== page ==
Too many of the situations felt too contrived. This is a nurse during World War I who unaccompanied, demands and receives access to the office of an Inspector at Scotland Yard late in the day. Really?
It was a disappointment after reading the first Bess Crawford novel and made me wonder if something had not gone askew in the writing partnership. An Impartial Witness felt disjointed and contrived, as if the two authors had all of these good ideas for scenes and forced them into the novel, whether or not they were needed.
A Bitter Truth
I read the third book because Amazon offered it for $1.99 on May 8, and I had pre-ordered it. I think A Bitter Truth held together better than An Impartial Witness.
When battlefield nurse Bess Crawford returns from France for a well-earned Christmas leave, she finds a bruised and shivering woman huddled in the doorway of her London residence. The woman has nowhere to turn, and, propelled by a firm sense of duty, Bess takes her in. Once inside Bess’s flat the woman reveals that a quarrel with her husband erupted into violence, yet she wants to go home—if Bess will come with her to Sussex. Realizing that the woman is suffering from a concussion, Bess gives up a few precious days of leave to travel with her. But she soon discovers that this is a good deed with unforeseeable consequences.This story was much easier to believe because, once you get past her going to Sussex instead of home to her own family at Christmas, events proceed logically and believably. At least they appear to. There is a good description of the area in Sussex. And when the action moves to France it gets even better. A new, and one hopes recurring, character is introduced.
What Bess finds at Vixen Hill is a house of mourning. The woman’s family has gathered for a memorial service for the elder son who has died of war wounds. Her husband, home on compassionate leave, is tense, tormented by jealousy and his own guilty conscience. Then, when a troubled house guest is found dead, Bess herself becomes a prime suspect in the case. This murder will lead her to a dangerous quest in war-torn France, an unexpected ally, and a startling revelation that puts her in jeopardy before a vicious killer can be exposed. Author's Website
Although the mystery is fairly intriguing, and the journey to its solution interesting, I think it would have been better if the murder had somehow been connected to it.
An Unmarked Grave
There is a new Bess Crawford novel coming out on June 5th.
World War I nurse and amateur sleuth Bess Crawford matches wits with a devious killer in this exciting and suspenseful adventure from New York Times bestselling author Charles ToddI don't think I will rush out to get this latest Bess Crawford mystery, but I will probably read it eventually. The mysteries aren't really bad, I just don't find them very appealing. My thirst for a feel of what life was like for women in England between 1910 and 1930 is barely touched with this work. Yes, the sinking of the Britannic was historically accurate, as are some of the scenes in France. But I find difficulty in accepting the ability of a woman of middle class upbringing to be driving alone all over England during wartime with rationing, and her confrontational manner with others. Showing up at someone's doorstep, uninvited, with all types of questions doesn't seem to fit into what I know of women in this era.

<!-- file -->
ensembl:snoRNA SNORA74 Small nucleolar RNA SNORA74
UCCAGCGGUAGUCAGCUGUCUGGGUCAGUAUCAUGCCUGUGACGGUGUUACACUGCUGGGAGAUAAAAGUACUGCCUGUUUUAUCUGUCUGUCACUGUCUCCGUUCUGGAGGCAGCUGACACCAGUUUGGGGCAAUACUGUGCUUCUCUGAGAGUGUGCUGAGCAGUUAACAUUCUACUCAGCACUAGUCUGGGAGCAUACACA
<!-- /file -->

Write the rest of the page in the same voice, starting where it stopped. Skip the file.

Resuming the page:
In the spring of 1918, the Spanish flu epidemic spreads, killing millions of soldiers and civilians across the globe. Overwhelmed by the constant flow of wounded soldiers coming from the French front, battlefield nurse Bess Crawford must now contend with hundreds of influenza patients as well.
However, war and disease are not the only killers to strike. Bess discovers, concealed among the dead waiting for burial, the body of an officer who has been murdered. Though she is devoted to all her patients, this soldier's death touches her deeply. Not only did the man serve in her father's former regiment, he was also a family friend.
Before she can report the terrible news, Bess falls ill, the latest victim of the flu. By the time she recovers, the murdered officer has been buried, and the only other person who saw the body has hanged himself. Or did he?
Working her father's connections in the military, Bess begins to piece together what little evidence she can find to unmask the elusive killer and see justice served. But she must be as vigilant as she is tenacious. With a determined killer on her heels, each move Bess makes could be her last.
While I recognize that some literary license is needed to allow a nurse to become a sleuth, I think I would rather read about a professional sleuth if the license is to be so broadly applied.